Amplifying Weak Signals: A Framework for Foresight

Food innovation relies on strategic planning as behavioral, marketplace and technology trends are identified in advance.

The following presentation is from the “2016 Protein Trends & Technologies Seminar: Business Highlights Summary” special report.

Fifty years from now, where will the food industry be? What behavioral, technological and environmental developments will have taken place? What will the typical grocery store look like?

Such prognostications are familiar territory for Mike Lee and Studio Industries, an agency that helps design new products, evolve existing ones and craft innovation strategies. As a side project, the firm created The Future Market—a theoretical grocery store stocked with products from the future. You can read all about it in their newspaper, The Future Chronicle. All of this started, Lee explained, as their firm tried to imagine what the world of food might look like in 50 years.

The key to Studio Industries’ success is their methodology for strategic planning. “Our mantra,” Lee said, “is ‘Better innovation in food today starts with more ambitious thinking about tomorrow.’” When they started Future Market, the rule was that ideas do not just come from nowhere.

“They have to be built up from something that exists today,” he said. “The car industry does this. If you’ve ever been to an auto show, you’ll see that, in addition to the car that they produce every year, there’s also a plan for a car that could exist. I looked at that and said, ‘Nobody’s really doing that for the supermarket.’”

Lee describes the starting points for these innovations as weak signals—little ideas that exist today and could bloom in the future. Predicting them can be crucial to a company’s success. When you don’t predict them, the signal you’re missing could be your end. Case in point: Blockbuster. Weak signals, like automated distributers (Redbox), direct-to-consumer services (Netflix) and on-demand streaming, went ignored or noticed too late. “Everyone could see these,” Lee says. “It’s a matter of how you look at them and treat them that causes you to evolve toward the future, rather than lose out.”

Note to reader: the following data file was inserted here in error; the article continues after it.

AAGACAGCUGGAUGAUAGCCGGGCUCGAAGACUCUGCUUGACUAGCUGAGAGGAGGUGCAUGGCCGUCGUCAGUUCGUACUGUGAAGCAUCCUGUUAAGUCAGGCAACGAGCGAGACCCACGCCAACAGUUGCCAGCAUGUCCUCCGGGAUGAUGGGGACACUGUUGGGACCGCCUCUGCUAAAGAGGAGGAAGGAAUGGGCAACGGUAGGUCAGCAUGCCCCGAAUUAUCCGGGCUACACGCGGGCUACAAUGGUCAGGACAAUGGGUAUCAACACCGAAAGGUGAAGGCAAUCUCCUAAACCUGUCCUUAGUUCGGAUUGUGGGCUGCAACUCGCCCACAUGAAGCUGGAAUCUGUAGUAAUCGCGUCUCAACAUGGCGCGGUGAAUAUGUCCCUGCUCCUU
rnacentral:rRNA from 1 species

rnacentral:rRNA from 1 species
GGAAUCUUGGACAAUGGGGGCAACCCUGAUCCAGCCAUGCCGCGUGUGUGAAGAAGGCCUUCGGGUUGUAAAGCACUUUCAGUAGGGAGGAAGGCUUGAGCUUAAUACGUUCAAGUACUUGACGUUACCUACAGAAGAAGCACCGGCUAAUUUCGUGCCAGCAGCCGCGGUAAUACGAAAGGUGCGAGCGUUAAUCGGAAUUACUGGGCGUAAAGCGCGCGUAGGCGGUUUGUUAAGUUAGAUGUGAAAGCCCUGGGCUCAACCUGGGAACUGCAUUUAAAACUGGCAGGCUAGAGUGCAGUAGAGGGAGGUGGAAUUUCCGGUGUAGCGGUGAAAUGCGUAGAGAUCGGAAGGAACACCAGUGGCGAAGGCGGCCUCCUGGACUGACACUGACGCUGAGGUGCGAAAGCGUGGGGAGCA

He breaks down the process to three steps: Gather, Amplify and Prioritize. When done well, Lee said, companies move with the changing tides; shape where the industry goes; and build new competitive advantages.

Gathering data is straightforward, but Studio Industries is mindful of more than quantitative analysis and monitoring trends in media. They spent hours with individual consumers to explore their daily food routines, for example. “We trade off the volume of data for depth, and I would argue that standing in someone’s kitchen and watching them gives you so much more information than a survey.”
What you’re hoping to find is a weak signal, which Lee defined as “evidence of a new behavior, technology or environmental condition that is small and emerging, but could lead to lead to powerful outcomes.” To amplify that signal, a grid is used for behavioral, technological and environmental possibilities.

Lee offered 3D printing as an example. Right now, chefs can use 3D printing for the “wow factor” (behavior); startups could make printers for ingredients (technology); and printer companies could partner with food providers (environment). In considering the future, Lee asks questions such as: What if there is a technology that is twice as good at half the price? What happens when the behavior is adopted by the masses? What happens when barriers to entry are broken down?

“Could you see a time when food reviewers are critiquing this 3D printer vs. that one?” he asks. “How about big box stores selling food in printer cartridges?”

As each of those new reflections arise, Lee stressed the use of divergent and convergent thinking—wide funnels of thought early on that narrow to collect the proverbial cream rising to the top. Each of those ideas are then charted along two axes: impact and probability.

This all feeds into a strategic plan. If an idea is both high-impact and high-probability, it should be acted upon. If it’s high-impact and low-probability, it should be investigated. If it’s low impact, the idea should be tossed on the backburner.

“Amplifying Weak Signals: A Framework for Foresight,” Mike Lee, CEO and Founder, Studio Industries

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